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The Paumanok Path is the most awe-inspiring of Long Island’s hiking
trails. I now had the opportunity
to blaze a section of this trail in Laurel Valley County Park for future hikers
to follow. This section of trail
will one day be part of a continuous path over 120 miles long. A regional initiative involving many people, several groups
and agencies. This recreational
path will run from Rocky Point, in Brookhaven, to Montauk Point.
* This is a trail that gives
the visitor to the “Wilds of Long Island” many miles of breathtakingly
beautiful vistas, coastal plain ponds, glacial kettles, and erratics and marshes
teaming with varied and wondrous life. A
walk along a small segment of this path will often encompass several unique
ecosystems. I only had a mile of
trail to blaze, yet around each bend I found a different forest community or
Traveling along the crest of a hill, I saw a stand of Oak trees.
I then descended into an area of tightly bunched knurled branches, a
distinctive feature of Laurel woods. In
places the branches from either side of the path joined above me to give an
experience similar to walking through a tunnel.
As I passed a glacial erratic, I looked down into a shadow filled kettle.
Maybe the origin of this park’s name “Laurel Valley” can be found
in these glacial kettles. Further
along, only a few feet from the path the understory was carpeted with delicately
leafed bracken fern. Only a few
moments later I was surrounded by some beech trees, I marveled at their rounded
crowns formed by horizontal branches. Soon
I came to an area where a fox had left its scent. A little further along the trail I saw a den dug into the
side of a hill. I enjoyed the
familiar cry of a hawk and the drumming of a woodpecker.
All this time I was expending a lot of energy determining the best
placement of the Paumanok Path’s white rectangular blazes.
This 148-acre parcel of land is relatively small, but I had been told
that several people had been lost for long periods of time in Southampton’s
enchanted little forest.
I was so engrossed in what I was doing, and determined to blaze this
trail so well that no one would ever get lost in it again, that ultimately I
found myself painting on a tree trunk that I could no longer see.
Suddenly I was surrounded by a night as dark as any I had ever
experienced. I had been carrying a
flashlight with me for several months. I
was prepared for this emergency. Unfortunately,
my flashlight was having an emergency of its own.
My heart beat accelerated to the point where I thought I could hear it
pounding in my head. I began to
“Don’t panic,” I counseled myself, “there is nothing in these
woods that can hurt me.” I was
going to be calm. I had to
acclimate myself to this world turned suddenly very alien.
My breathing returned to normal, and I suddenly realized that the
pounding, which I thought originated inside my head, was coming from somewhere
else. It was a regular noise more
like a hiss than a pounding. When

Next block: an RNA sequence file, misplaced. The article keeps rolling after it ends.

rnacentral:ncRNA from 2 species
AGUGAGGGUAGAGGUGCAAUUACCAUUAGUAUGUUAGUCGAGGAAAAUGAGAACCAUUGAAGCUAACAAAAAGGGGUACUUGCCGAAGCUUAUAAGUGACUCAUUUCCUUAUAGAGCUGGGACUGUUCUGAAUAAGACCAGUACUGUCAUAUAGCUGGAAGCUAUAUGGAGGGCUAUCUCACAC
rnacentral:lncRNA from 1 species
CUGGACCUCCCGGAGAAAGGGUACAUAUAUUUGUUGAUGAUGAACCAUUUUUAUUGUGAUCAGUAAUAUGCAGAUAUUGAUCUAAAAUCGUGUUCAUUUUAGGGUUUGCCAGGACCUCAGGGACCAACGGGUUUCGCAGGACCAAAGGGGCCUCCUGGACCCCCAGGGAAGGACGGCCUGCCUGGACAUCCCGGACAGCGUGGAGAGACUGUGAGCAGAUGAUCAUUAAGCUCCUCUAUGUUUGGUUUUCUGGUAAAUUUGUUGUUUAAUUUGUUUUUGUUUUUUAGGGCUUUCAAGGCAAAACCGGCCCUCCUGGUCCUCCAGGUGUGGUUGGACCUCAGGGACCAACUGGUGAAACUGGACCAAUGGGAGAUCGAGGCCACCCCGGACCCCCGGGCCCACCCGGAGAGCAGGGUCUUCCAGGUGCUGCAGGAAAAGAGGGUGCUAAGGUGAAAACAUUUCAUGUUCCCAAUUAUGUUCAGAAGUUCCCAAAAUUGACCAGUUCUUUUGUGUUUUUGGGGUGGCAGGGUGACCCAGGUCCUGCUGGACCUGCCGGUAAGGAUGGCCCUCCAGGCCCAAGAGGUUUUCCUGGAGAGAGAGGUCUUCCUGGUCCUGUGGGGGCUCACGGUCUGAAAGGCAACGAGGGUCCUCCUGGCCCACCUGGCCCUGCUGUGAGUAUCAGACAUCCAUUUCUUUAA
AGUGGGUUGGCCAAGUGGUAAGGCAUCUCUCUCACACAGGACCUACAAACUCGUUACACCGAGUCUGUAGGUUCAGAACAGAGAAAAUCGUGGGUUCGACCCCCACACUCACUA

my calm returned I became certain that this noise was not coming from me.
It was too regular in tempo. This
had to be caused by some kind of mechanical device.
Tsh tsh tsh tsh tsh. I
once heard a warbler make a sound similar to this when I inadvertently came too
close to its nest.
I began to follow this sound to its source. Without the help of vision, my other senses intensified in
their acuity. I was tasting the
different types of pollen in the air and smelling the proximity of tree bark or
fern. I could hear the wildlife and
smell flowers with a clarity I had never before experienced.
I found I could somehow sense the character of the topography around me.
Navigation towards the “mechanical warbler” was growing easier by the
moment. Finally, I broke out onto a
level meadow - except that this was no meadow!
I had found the “mechanical bird”, which was squirting identically
measured streams of water; tsh tsh tsh tsh tsh.
My eyes acclimated to the artificial light, and I could see that I was
standing between a small pond and a sand trap on Noyak Golf Course.
*The Paumanok Path project is a regional initiative undertaken through
the cooperative efforts of New York State Parks and Department of Environmental
Conservation, Suffolk County, Southampton Town, East Hampton Town, The Peconic
Land Trust, the Nature Conservancy, South Fork Natural History Society, Long
Islands Greenbelt Trails Conference, Southampton Trails Preservation Society,
East Hampton Trails Preservation Society, Group for the South Fork and many
Laurel Valley County Park
There is a kiosk on Deerfield Rd. opposite the entrance to North Side Hills (Deerwood Path). It is just south of Noyac Rd. There is room for several cars to park on the shoulder of the road. Hike both the long and short loops. The Southampton Trails Preservation Society has produced an excellent map of the park and they also lead hikes there (631-537-5202). During the winter there are views of Peconic Bay. Explore the gently rolling knob and kettle topography and enjoy a wide variety of plant and animal life. If you have never walked through a laurel woods, this is an experience you should not miss.
You can also enter this park from the southern most point of Wildwood Road on
the south side of Noyac Road. You will find this entrance just east of the
Morton National Wildlife Refuge, which is on the north side of Noyack Road.
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